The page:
Edge of small forest stream in Nilwala basin, Sri Lanka
56th place in Biotope Aquarium Design Contest 2017
Belgium. Jeroen Vanhooren
Volume: 100 L
Dimensions: 70x33x50 cm
List of fishes: Puntius titteya and Pethia nigrofasciata
List of plants: Cryptocoryne beckettii and Lagenandra thwaitesii
Description of decorations: A mix of sandtypes, but predominately fine sand, different sizes of gravel. There are some smaller greyish rocks in this biotope, as could be seen in the youtube videos cited before. Few twigs, few branches, twigs and a little bit of leaves complete this scenery.
Description of equipment: internal sump, Juwel Eccoflow 600 lph, LED lights 28W 6800 K, automatic waterchange system with dripping technology.
Water parameters: Temperature is 25°C, pH is 6.5, kH is 3.
Description of the area surrounding the biotope: Nilwala river lays in the wet zone in south western Sri Lanka. It is the largest river in Matara district. Nilwala river is 70 km long and discharges in Matara in the Indian Ocean. It originates at Panilkanda at an altitude of 1050 m from the Sinharaja rain forest. River basin is 1073 km². Up to Bopagoda the terrain is hilly with rocky riverbeds and steep slopes. Downstream longitudinal slope diminishes. The lower basin is prone to severe floodings with south west monsoon rains from May-June and with cyclonic activities October-November. Due to the fact that the island has been isolated for a long while and due to the moist, warm climate, there is a very high rate of endemism, this makes this area of Sri Lanka a place of very special interest. The typical rainforest stream biotopes are shaded due to the overhanging forest canopy, but they are exposed to some degree of sunlight. Macrophytes are uncommon in these areas but riparian vegetation can be dense. It is an ideal place for smaller fishes to hide from predators.
Description of the underwater landscape of the biotope: The middle part of the river (where this biotope lies) has alluvial soils. Alluvium is typically made up of a variety of materials. Substrate of this biotope is dominated by sand with some small rocks, twigs, branches and some larger leaf litter.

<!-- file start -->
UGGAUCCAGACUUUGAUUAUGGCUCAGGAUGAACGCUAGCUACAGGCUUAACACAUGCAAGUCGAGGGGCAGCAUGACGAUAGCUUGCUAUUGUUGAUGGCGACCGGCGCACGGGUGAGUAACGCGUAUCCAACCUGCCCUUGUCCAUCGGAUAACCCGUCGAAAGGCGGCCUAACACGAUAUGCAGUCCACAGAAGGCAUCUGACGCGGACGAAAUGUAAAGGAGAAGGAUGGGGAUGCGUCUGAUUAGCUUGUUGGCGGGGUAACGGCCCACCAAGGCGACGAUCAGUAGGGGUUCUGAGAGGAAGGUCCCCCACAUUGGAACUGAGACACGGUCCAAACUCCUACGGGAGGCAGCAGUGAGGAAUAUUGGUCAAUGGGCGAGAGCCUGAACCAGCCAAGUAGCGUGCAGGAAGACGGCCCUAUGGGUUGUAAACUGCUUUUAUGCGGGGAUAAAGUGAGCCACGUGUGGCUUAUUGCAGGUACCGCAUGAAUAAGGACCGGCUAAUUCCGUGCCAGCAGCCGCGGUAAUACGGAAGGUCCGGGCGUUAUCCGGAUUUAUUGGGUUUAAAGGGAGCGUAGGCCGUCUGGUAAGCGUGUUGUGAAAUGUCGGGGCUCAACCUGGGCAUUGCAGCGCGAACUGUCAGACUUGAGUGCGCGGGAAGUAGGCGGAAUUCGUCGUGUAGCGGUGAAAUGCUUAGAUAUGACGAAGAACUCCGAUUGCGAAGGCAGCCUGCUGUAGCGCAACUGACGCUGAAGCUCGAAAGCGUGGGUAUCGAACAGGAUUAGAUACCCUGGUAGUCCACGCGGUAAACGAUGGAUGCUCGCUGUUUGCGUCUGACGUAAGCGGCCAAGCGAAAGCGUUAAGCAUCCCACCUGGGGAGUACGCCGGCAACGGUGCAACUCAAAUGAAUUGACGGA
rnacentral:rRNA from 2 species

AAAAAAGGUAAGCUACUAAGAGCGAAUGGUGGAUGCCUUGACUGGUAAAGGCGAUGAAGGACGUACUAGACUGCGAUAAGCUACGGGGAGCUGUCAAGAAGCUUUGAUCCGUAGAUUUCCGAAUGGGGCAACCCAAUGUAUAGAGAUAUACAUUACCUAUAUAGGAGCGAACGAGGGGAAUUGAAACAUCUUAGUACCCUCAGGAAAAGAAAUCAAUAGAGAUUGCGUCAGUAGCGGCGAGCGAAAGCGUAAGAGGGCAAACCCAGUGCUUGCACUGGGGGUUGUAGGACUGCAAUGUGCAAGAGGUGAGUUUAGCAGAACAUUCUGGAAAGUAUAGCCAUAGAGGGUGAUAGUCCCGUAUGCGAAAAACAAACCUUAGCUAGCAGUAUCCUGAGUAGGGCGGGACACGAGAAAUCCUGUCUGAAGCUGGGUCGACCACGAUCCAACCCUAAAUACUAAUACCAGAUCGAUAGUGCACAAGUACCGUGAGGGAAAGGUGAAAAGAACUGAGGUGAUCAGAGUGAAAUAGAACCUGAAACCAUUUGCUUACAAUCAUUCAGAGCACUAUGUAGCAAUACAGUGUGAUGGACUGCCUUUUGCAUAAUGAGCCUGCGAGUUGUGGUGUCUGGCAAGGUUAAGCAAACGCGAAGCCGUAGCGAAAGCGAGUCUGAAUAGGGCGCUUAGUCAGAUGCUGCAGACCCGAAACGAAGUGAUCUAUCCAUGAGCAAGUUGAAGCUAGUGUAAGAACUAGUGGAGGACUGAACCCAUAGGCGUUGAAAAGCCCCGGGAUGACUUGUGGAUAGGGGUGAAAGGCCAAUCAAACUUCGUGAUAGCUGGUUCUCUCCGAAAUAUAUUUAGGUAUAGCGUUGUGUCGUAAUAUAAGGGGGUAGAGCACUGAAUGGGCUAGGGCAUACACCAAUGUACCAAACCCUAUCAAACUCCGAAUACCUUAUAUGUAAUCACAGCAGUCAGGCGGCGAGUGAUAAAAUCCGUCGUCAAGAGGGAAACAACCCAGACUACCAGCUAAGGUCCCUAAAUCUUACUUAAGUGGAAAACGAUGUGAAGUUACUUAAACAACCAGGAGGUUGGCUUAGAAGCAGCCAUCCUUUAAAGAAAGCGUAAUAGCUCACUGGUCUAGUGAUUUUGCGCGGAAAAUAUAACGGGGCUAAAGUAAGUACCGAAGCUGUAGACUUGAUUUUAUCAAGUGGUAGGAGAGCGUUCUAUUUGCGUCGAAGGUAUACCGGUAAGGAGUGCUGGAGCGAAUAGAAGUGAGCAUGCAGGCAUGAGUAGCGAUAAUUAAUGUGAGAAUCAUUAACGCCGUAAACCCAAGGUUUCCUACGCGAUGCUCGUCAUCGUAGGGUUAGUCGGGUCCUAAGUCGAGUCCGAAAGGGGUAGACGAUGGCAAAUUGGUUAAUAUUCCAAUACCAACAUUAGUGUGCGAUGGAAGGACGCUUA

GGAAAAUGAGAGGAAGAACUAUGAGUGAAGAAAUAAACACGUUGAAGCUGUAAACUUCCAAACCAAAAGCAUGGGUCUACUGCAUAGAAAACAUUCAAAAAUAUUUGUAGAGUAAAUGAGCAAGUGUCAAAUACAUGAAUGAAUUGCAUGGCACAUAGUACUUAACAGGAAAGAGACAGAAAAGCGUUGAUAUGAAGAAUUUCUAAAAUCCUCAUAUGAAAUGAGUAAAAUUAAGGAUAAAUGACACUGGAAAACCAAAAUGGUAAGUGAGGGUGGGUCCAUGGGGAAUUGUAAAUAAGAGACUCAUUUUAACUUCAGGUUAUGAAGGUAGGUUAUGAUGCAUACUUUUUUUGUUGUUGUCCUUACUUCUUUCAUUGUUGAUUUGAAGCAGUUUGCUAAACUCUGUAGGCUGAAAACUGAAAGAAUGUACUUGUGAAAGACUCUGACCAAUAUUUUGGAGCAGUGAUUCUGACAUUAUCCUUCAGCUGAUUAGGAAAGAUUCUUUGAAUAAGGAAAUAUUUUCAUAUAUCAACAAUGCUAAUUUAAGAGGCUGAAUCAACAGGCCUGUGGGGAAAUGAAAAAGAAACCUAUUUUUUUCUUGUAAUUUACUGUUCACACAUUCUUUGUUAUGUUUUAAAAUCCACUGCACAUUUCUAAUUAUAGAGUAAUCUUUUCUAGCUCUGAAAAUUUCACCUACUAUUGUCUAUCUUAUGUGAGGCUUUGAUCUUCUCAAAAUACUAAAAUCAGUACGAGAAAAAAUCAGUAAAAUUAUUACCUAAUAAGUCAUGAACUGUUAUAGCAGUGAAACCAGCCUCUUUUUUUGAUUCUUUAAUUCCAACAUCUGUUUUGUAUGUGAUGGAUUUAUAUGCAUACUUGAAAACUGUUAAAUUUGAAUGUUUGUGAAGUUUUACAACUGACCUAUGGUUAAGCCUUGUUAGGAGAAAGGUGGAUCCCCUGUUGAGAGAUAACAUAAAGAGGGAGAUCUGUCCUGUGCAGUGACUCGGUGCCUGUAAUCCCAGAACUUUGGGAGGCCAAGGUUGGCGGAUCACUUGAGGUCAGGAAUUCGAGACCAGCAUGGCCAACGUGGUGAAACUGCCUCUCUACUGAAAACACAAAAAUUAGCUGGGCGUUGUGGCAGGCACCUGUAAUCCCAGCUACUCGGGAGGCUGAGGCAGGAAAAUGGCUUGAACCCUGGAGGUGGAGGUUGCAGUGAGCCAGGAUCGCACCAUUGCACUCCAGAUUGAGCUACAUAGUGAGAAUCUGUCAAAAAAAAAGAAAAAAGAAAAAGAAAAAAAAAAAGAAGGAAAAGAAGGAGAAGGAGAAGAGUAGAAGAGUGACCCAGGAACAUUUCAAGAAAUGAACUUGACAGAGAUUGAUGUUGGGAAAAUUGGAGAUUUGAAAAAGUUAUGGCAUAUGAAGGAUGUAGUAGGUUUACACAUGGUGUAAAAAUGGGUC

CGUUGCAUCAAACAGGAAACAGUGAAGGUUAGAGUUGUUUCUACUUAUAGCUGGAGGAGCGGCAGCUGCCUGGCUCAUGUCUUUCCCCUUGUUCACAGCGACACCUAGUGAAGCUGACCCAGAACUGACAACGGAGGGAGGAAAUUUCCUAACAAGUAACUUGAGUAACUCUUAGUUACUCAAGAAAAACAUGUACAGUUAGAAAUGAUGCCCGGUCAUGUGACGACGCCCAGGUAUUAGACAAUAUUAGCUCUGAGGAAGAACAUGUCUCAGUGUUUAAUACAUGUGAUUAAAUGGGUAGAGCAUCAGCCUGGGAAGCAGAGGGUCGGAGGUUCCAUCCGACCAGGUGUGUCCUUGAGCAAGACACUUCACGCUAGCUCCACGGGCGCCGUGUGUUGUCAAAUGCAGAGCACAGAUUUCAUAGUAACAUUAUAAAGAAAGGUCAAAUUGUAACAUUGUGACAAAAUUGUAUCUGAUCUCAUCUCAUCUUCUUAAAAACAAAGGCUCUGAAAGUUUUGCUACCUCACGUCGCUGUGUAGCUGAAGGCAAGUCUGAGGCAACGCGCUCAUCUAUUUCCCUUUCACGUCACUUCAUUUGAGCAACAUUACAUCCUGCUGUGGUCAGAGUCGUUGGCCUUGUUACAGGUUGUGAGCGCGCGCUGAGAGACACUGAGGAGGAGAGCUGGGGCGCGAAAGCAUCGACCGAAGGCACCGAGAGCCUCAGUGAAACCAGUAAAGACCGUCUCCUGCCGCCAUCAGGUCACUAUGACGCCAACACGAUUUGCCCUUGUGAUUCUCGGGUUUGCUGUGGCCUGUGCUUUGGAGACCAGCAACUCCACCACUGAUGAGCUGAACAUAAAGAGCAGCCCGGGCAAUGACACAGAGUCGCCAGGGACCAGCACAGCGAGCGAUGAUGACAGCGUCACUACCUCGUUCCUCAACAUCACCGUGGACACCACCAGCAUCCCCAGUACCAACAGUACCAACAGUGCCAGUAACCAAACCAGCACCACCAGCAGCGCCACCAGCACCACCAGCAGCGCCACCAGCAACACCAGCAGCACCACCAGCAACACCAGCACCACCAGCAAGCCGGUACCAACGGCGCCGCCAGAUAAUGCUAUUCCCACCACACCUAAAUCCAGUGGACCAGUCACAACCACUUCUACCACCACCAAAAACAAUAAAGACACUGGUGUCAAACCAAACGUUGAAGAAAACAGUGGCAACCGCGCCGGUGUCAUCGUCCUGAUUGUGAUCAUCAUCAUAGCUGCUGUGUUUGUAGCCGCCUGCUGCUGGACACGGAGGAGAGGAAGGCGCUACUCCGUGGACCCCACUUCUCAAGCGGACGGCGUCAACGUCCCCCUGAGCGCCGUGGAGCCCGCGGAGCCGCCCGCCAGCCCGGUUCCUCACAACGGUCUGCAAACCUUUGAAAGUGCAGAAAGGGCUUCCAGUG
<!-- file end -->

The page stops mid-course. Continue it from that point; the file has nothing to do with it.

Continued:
Description of the parameters of the habitat: Water is transparent, a little tea coloured. TDS values range between 42.9 to 3,488.7 mg l -1, with highest values in the downstream urban areas. Alkalinity varies between 19.9 and 177mgl-1, with the higher values linked to agricultural activities. pH range is 6,5-7. Temperature is relatively cool.
List of fishes: Puntius titteya, Channa orientalis, Rasboroides vaterifloris, Puntius bimaculatus, P. kelumi, Pethia nigrofasciata, Dawkinsia singhala, Schistura notostigma, Mystus vittatus, Aplocheilus werneri, Malpulutta kretseri, Mastacembelus armatus, Lepidocephalichthys jonklaasi,Devario pathirana, Rasbora wilpita and many others.
List of plants: Riparian vegetation mainly Cryptocoryne beckettii and Lagenandra thwaitesii. In the broader environment Aponogeton rigidifolius (which prefers deeper waters) and Hygrophila sp. occur.
Threats to the ecology: Sadly enough the Sri Lankan rainforest is under a terrible amount of threat, in 2006 only 4.6 % of the original rainforest was intact as a result of anthropogenic activities such as habitat loss for plantation establishment, river sand mining and oil extraction. A recent oil spill was also reported at the beginning of 2017 and a large-scale river diversion is also being planned, which will cause unmitigable destruction and could spell disaster for many endemic fishes. This type of highly damaging and often irreversible action inevitably has devastating and significant negative impact on these unique and vulnerable ecosystems. During the rainy season, there is less capacity of the ground to hold the water and soil, since the extensive root systems of established forests are responsible for this very job. This leads to formation of mud streams, erosion of the land leading to loss of fertile soil and siltation of the streams and rivers. In combination with disturbed self-purification processes of the rivers, this leads to lack of high quality freshwater to use as drinking water. Siltation itself leads to smothering of the riverbed and mass kill off of invertebrates and fish eggs, resulting in reduced spawning success or abandonment by fish; secondary effects are unpredictable and numerous. As if these pressures were not enough, invasive species, untreated household water, gold mining and a certain pressure from the unregulated ornamental fish industry contribute to this sad story.
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